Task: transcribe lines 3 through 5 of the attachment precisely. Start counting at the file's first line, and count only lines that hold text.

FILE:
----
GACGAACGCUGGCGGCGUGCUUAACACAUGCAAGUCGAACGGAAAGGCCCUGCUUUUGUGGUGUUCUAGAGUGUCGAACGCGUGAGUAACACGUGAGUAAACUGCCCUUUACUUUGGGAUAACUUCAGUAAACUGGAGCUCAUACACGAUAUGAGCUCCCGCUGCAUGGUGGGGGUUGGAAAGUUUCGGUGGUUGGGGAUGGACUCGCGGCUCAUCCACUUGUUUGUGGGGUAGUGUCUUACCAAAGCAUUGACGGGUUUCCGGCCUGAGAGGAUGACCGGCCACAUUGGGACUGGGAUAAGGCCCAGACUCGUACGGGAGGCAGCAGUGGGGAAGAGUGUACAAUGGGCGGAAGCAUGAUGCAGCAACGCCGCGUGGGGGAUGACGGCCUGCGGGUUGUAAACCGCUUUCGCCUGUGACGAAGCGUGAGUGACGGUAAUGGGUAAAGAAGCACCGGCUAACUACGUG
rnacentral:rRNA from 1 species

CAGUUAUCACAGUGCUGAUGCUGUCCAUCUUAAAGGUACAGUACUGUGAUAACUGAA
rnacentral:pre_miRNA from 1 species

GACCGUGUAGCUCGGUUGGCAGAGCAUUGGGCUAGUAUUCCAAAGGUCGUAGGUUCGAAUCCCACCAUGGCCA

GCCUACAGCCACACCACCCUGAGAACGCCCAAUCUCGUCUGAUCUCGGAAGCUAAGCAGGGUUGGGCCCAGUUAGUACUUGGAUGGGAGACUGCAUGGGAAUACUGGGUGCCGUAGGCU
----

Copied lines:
CAGUUAUCACAGUGCUGAUGCUGUCCAUCUUAAAGGUACAGUACUGUGAUAACUGAA
rnacentral:pre_miRNA from 1 species

GACCGUGUAGCUCGGUUGGCAGAGCAUUGGGCUAGUAUUCCAAAGGUCGUAGGUUCGAAUCCCACCAUGGCCA